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- Shuttle bus service
- Airport Transportation
- Heated pool
- Concierge desk
- Babysitting service
Photos of Villa D'Akhdar
TripAdvisor Reviews Villa D'Akhdar Marrakech
Travel Blogs from Marrakech
... after all (a 70% discount) and grabbed Matthew's arm to hold him in the store.
I can't remember the last time I moved so fast. I bounded across the courtyard while Matthew wrangled his arm back and together we scaled the stairs back to the street.
Immediately upon reaching the street we ran into Nisham! We didn't recognize him at first and were hesitant to talk to a stranger, but he reintroduced himself and Matthew then recognized him as our ...
... a Hammam. Basically a Hammam is a traditional local bath. I was unsure what the experience would be like, having heard it involved some painful skin scraping. But, Moroccans usually visit a Hammam at least once a week, so it can't be that bad, can it? Actually, it turned out to be a pretty neat experience. The Hammam in the hotel is much smaller than the local ones. The process was basically as follows: the four of us entered a changing room, where we got undressed down ...
... in tapestry lined tents complete with electricity and beds. It reminded me of what I envisioned as a child in the stories of Ali Baba.
Dinner was a traditional tagine followed by watching the moon rise. Something that depsite my years I had never done. How can it be that people think of beautiful sunrise and sunsets yet no one speaks of the moonrise? It happened so much quicker than I expected but to see the moon peak out of the pitch darkness from behind a mountains shadow ...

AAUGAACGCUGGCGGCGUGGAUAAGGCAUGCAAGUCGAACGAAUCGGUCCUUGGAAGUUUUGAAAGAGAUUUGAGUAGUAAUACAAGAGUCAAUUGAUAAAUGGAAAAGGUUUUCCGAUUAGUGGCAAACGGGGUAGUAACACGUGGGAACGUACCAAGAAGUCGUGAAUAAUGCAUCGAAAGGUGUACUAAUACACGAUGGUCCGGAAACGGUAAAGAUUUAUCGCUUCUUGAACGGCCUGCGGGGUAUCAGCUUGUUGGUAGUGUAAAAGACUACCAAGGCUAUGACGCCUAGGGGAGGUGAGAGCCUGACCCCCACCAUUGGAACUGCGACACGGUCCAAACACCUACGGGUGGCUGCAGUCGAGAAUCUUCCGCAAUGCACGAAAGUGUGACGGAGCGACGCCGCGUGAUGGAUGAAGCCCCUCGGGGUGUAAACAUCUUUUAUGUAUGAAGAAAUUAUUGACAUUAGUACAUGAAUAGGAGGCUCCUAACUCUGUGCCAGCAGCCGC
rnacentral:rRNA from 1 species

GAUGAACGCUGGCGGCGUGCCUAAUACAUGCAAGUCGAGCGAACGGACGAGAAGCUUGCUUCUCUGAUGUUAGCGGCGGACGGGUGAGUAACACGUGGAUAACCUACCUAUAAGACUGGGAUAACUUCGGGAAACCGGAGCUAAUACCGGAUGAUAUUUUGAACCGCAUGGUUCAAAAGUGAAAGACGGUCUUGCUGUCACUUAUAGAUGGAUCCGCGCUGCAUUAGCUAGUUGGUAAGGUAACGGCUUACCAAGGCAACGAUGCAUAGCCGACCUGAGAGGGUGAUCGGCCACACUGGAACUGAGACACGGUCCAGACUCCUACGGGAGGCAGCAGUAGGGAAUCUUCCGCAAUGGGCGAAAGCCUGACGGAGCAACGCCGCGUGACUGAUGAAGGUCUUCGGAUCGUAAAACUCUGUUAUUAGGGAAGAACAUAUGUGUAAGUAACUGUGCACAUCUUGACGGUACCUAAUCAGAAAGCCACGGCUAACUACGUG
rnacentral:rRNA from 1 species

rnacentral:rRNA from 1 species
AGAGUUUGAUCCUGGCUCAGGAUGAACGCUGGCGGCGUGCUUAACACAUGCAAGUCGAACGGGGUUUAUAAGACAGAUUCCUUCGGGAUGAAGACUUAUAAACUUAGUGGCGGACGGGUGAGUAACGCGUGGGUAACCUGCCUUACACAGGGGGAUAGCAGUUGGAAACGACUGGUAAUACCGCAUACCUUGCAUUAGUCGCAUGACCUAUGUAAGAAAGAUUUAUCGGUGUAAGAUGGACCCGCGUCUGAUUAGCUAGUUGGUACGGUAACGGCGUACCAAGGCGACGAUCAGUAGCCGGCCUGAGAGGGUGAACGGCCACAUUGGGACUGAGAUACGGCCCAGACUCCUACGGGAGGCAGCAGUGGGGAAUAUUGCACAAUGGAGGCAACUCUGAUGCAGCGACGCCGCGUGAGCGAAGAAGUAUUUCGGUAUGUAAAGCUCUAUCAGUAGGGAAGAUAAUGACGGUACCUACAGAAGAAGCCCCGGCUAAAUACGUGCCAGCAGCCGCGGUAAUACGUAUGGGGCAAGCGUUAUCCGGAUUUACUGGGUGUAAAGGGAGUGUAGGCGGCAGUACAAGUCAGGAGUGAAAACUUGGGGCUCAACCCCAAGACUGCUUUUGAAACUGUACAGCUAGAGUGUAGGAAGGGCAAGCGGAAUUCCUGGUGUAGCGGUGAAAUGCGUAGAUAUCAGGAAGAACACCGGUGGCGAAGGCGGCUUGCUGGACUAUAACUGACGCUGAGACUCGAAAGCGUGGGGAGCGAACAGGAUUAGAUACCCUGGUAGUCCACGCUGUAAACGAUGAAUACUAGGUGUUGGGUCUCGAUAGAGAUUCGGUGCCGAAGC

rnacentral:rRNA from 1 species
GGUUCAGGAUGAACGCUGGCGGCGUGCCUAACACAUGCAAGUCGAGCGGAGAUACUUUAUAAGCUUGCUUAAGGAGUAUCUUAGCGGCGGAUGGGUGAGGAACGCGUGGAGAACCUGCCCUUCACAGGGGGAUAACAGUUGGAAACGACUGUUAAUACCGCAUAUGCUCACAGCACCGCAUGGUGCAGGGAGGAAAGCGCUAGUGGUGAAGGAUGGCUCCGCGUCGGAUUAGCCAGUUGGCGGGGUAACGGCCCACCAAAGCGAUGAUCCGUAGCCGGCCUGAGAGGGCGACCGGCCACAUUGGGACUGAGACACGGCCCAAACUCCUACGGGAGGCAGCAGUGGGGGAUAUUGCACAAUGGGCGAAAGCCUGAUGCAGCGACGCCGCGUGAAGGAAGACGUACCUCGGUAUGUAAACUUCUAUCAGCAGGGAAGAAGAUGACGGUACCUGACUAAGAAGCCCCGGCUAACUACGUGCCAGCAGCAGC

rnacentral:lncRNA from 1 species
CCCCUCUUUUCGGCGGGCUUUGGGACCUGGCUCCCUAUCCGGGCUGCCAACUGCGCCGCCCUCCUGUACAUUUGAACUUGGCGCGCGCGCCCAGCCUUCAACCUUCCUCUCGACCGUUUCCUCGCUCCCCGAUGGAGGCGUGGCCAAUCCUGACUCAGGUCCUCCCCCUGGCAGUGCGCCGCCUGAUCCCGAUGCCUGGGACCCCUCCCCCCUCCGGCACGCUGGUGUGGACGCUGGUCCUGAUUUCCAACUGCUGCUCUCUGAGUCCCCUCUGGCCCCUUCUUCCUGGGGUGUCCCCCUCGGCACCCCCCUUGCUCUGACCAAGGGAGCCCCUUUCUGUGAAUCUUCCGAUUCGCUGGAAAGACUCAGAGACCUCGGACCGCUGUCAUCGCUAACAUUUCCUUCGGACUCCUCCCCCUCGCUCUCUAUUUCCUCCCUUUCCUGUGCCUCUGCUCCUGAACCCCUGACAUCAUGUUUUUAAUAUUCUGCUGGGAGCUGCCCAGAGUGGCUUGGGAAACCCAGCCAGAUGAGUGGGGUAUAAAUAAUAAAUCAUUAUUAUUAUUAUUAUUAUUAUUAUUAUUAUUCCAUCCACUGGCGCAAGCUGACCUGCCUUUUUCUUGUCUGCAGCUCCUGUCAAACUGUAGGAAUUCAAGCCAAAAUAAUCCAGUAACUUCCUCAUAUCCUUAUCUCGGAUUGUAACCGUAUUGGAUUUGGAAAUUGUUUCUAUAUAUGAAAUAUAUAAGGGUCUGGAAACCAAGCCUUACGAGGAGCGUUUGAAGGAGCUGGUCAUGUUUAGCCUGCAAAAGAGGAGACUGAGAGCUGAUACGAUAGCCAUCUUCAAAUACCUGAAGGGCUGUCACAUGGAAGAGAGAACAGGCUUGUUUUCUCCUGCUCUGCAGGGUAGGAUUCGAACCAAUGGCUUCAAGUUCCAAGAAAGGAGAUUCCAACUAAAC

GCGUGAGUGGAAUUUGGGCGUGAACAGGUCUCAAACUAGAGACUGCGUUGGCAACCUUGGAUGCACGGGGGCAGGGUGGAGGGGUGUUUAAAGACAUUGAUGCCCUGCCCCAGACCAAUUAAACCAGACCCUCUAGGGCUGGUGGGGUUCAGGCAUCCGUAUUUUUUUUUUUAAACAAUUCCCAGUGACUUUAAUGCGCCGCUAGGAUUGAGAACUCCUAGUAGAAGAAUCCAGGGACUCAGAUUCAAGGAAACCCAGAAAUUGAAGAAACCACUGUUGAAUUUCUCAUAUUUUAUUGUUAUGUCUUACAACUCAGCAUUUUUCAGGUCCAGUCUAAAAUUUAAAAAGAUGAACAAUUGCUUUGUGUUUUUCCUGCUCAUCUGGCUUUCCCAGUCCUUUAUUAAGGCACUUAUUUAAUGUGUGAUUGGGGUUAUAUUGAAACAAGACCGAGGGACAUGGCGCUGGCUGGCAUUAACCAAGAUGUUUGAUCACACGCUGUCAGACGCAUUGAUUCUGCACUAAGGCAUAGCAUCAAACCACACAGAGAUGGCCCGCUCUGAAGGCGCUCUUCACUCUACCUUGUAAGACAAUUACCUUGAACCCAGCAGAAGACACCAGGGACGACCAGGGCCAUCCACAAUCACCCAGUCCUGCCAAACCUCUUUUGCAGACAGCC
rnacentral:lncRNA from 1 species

... got a good lesson in multiplication as we figured out how much we would have to pay for every fruit item. We watched a taxi driver get into a fist fight with a bicycle rider after an inevitable collision. There is just no end to the things you can look at here.
We all went down to the Jemna-El-Fna square, which is yet another World Heritage Site. It has been there for 950 years, and started out as an execution square; its name is Arabic for 'Square of the Dead’. It ...
... screeching and grunting variety where the instruments are all clanged together to resemble a steelworks factory being demolished. I'm happy to say that this, the children singing I mean, sounds nothing like that.
I've managed to arrange my hoody in just the right way to prevent my bum cramping and things have taken a decided turn towards enjoyable. A boy of about ten is smiling at me from the other side of the room, smiling encouragingly ...